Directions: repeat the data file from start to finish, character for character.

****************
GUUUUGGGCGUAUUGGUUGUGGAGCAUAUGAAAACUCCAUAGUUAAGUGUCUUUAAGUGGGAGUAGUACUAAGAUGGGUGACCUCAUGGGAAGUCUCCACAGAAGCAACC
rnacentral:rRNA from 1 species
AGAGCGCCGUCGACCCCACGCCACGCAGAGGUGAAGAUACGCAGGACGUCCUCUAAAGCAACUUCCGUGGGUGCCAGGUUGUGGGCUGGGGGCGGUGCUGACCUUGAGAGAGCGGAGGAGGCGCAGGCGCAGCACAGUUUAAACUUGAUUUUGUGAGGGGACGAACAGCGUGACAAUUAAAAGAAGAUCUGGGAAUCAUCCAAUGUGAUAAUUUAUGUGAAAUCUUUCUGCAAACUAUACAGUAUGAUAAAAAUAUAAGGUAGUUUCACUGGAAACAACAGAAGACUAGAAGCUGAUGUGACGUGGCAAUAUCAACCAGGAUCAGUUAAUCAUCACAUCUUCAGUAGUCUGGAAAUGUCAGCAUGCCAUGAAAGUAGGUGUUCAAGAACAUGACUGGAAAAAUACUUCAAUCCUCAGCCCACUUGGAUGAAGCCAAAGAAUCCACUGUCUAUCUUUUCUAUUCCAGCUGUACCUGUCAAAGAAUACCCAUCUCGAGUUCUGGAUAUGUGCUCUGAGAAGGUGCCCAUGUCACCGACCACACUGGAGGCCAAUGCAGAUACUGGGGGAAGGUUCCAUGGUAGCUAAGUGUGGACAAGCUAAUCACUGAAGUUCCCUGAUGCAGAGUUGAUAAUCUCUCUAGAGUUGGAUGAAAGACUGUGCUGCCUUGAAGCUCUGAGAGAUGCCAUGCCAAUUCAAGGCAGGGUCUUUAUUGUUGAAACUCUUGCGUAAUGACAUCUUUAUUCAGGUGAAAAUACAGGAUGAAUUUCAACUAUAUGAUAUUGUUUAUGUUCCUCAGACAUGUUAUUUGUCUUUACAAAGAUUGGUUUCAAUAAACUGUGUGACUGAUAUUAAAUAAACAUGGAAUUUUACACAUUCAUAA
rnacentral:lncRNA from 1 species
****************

GUUUUGGGCGUAUUGGUUGUGGAGCAUAUGAAAACUCCAUAGUUAAGUGUCUUUAAGUGGGAGUAGUACUAAGAUGGGUGACCUCAUGGGAAGUCUCCACAGAAGCAACC
rnacentral:rRNA from 1 species
AGAGCGCCGUCGACCCCACGCCACGCAGAGGUGAAGAUACGCAGGACGUCCUCUAAAGCAACUUCCGUGGGUGCCAGGUUGUGGGCUGGGGGCGGUGCUGACCUUGAGAGAGCGGAGGAGGCGCAGGCGCAGCACAGUUUAAACUUGAUUUUGUGAGGGGACGAACAGCGUGACAAUUAAAAGAAGAUCUGGGAAUCAUCCAAUGUGAUAAUUUAUGUGAAAUCUUUCUGCAAACUAUACAGUAUGAUAAAAAUAUAAGGUAGUUUCACUGGAAACAACAGAAGACUAGAAGCUGAUGUGACGUGGCAAUAUCAACCAGGAUCAGUUAAUCAUCACAUCUUCAGUAGUCUGGAAAUGUCAGCAUGCCAUGAAAGUAGGUGUUCAAGAACAUGACUGGAAAAAUACUUCAAUCCUCAGCCCACUUGGAUGAAGCCAAAGAAUCCACUGUCUAUCUUUUCUAUUCCAGCUGUACCUGUCAAAGAAUACCCAUCUCGAGUUCUGGAUAUGUGCUCUGAGAAGGUGCCCAUGUCACCGACCACACUGGAGGCCAAUGCAGAUACUGGGGGAAGGUUCCAUGGUAGCUAAGUGUGGACAAGCUAAUCACUGAAGUUCCCUGAUGCAGAGUUGAUAAUCUCUCUAGAGUUGGAUGAAAGACUGUGCUGCCUUGAAGCUCUGAGAGAUGCCAUGCCAAUUCAAGGCAGGGUCUUUAUUGUUGAAACUCUUGCGUAAUGACAUCUUUAUUCAGGUGAAAAUACAGGAUGAAUUUCAACUAUAUGAUAUUGUUUAUGUUCCUCAGACAUGUUAUUUGUCUUUACAAAGAUUGGUUUCAAUAAACUGUGUGACUGAUAUUAAAUAAACAUGGAAUUUUACACAUUCAUAA
rnacentral:lncRNA from 1 species